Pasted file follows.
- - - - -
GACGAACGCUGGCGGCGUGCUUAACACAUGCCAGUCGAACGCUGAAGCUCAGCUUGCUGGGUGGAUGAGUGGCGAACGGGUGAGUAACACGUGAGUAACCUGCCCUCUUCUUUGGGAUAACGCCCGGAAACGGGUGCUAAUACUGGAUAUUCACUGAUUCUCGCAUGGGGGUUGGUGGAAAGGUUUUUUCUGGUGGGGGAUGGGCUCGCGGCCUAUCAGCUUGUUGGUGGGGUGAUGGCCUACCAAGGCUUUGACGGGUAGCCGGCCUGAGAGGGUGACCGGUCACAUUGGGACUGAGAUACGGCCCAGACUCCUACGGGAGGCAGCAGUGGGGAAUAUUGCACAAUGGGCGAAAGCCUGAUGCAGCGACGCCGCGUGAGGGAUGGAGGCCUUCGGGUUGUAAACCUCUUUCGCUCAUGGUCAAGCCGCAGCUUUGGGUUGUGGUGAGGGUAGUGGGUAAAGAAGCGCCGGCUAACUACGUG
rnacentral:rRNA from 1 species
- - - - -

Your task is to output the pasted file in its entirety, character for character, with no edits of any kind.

GACGAACGCUGGCGGCGUGCUUAACACAUGCCAGUCGAACGCUGAAGCUCAGCUUGCUGGGUGGAUGAGUGGCGAACGGGUGAGUAACACGUGAGUAACCUGCCCUCUUCUUUGGGAUAACGCCCGGAAACGGGUGCUAAUACUGGAUAUUCACUGAUUCUCGCAUGGGGGUUGGUGGAAAGGUUUUUUCUGGUGGGGGAUGGGCUCGCGGCCUAUCAGCUUGUUGGUGGGGUGAUGGCCUACCAAGGCUUUGACGGGUAGCCGGCCUGAGAGGGUGACCGGUCACAUUGGGACUGAGAUACGGCCCAGACUCCUACGGGAGGCAGCAGUGGGGAAUAUUGCACAAUGGGCGAAAGCCUGAUGCAGCGACGCCGCGUGAGGGAUGGAGGCCUUCGGGUUGUAAACCUCUUUCGCUCAUGGUCAAGCCGCAGCUUUGGGUUGUGGUGAGGGUAGUGGGUAAAGAAGCGCCGGCUAACUACGUG
rnacentral:rRNA from 1 species